Drawing only part of a two-dimensional image

Started by Ahzraei, November 08, 2005, 04:07:48

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I'm working on a mostly two-dimensional, tile-based game. I've already written a working map editor in C++ (I already had some of it written before I learned about LWJGL, so I just didn't bother to port it) which uses a master tileset image (260 tiles in all, and with 32x32 tiles, it's 416x640 pixels). The map editor, which uses a very small directx wrapper that I didn't write myself, has support for drawing only a small rectangle of the larger image (s single 32x32 tile, obviously) on the screen. The editor then saves the map as data that can be read from my java app.
I've examined some of the sample code available on the lwjgl website, specifically the Space Invaders example, and I've adapted the two-dimensional converting code (even though I don't really understand it ... if anyone has tips on 2d adaptions I'd appreciate it), but I can't figure out how to draw only a specific section of the image that I've loaded. After messing with the rendering code for a while, all I was able to do was scale the image (not really useful).

I'm sure there's a way. Does anyone know it? I really don't want to chop up my 416x640 image in Paint or Photoshop and save 260 tiles individually (and I am planning to make this dynamic for even larger tilesets, not to mention that I'd like to easily make changes to the graphic).


Quote from: "Ahzraei"but I can't figure out how to draw only a specific section of the image that I've loaded.
There is a way. Each point in space (glVertex2f, glVertex3f...) has texture coordinate connected with it (glTexCoord2f...).  Texture coordinates are :

0,1    1,1

0,0    1,0

imagine them on top of your image. So if you want to map only bottom half of your texture onto quad, for example, you will have 4 points in space (glVertex) and 4 texture coordinates attached to them, but in range:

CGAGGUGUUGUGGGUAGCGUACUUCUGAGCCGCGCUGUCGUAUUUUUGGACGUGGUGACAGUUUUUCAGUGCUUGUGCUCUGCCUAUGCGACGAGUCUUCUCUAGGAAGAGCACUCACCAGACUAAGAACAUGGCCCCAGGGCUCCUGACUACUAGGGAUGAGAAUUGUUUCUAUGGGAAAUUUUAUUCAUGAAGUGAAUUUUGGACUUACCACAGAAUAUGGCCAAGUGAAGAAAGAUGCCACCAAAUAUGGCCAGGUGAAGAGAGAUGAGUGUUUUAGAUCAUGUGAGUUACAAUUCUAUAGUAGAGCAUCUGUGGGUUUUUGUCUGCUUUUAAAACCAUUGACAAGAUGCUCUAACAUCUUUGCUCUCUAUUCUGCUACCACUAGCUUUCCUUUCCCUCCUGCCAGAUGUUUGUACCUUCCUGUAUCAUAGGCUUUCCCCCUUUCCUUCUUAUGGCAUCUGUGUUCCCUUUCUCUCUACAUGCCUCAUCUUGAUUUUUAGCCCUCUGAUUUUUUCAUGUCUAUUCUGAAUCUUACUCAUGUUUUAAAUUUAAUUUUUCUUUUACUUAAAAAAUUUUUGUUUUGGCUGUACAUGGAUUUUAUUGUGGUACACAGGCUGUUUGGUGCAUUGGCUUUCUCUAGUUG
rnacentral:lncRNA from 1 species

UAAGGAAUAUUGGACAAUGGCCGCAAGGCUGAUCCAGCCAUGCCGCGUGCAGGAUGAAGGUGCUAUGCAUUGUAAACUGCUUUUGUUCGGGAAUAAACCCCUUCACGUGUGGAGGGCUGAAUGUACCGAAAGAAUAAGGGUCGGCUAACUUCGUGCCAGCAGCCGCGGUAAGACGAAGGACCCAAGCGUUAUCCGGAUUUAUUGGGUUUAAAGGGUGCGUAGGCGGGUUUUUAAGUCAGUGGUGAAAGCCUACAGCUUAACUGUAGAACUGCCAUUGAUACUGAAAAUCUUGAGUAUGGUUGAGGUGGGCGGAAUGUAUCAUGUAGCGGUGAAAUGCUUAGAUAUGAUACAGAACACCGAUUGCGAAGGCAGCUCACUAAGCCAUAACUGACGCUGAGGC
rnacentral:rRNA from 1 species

0,0.5   1,0.5

0,0      1,0

example of full image maped on quad (done by triangle_strip):
                    GL11.glTexCoord2f(1.0f, 1.0f);
                    GL11.glVertex3f(x + quadSize, y + quadSize, z);
                    GL11.glTexCoord2f(0.0f, 1.0f);
                    GL11.glVertex3f(x - quadSize, y + quadSize, z);
                    GL11.glTexCoord2f(1.0f, 0.0f);
                    GL11.glVertex3f(x + quadSize, y - quadSize, z);
                    GL11.glTexCoord2f(0.0f, 0.0f);
                    GL11.glVertex3f(x - quadSize, y - quadSize, z);
b]Hvor Games[/b]



What hvor says makes sense, but I want to point out that OpenGL usually likes textures to have dimensions that are a power of two.  Your "master" image size is not really appropriate; something like 512x512 would be ideal.

I believe there is an OpenGL extension that allows non-power-of-two textures, but unfortunately I don't know anything about it (being something of a noob myself  :D )

Also, I believe that many implementations do not allow textures greater than 512 pixels either.

Hope this helps.


thanks, hvor, I'll try that out.

I am familiar with the image dimensions issue, not sure why that is, but directx and I guess opengl trip out when I tell them to draw images that aren't powers of two. Anyway, I should have made it clear, all the images I'm using are extended to the nearest power of two (so my tileset, for example, is actually 512x1024, only the rest of it is transparent)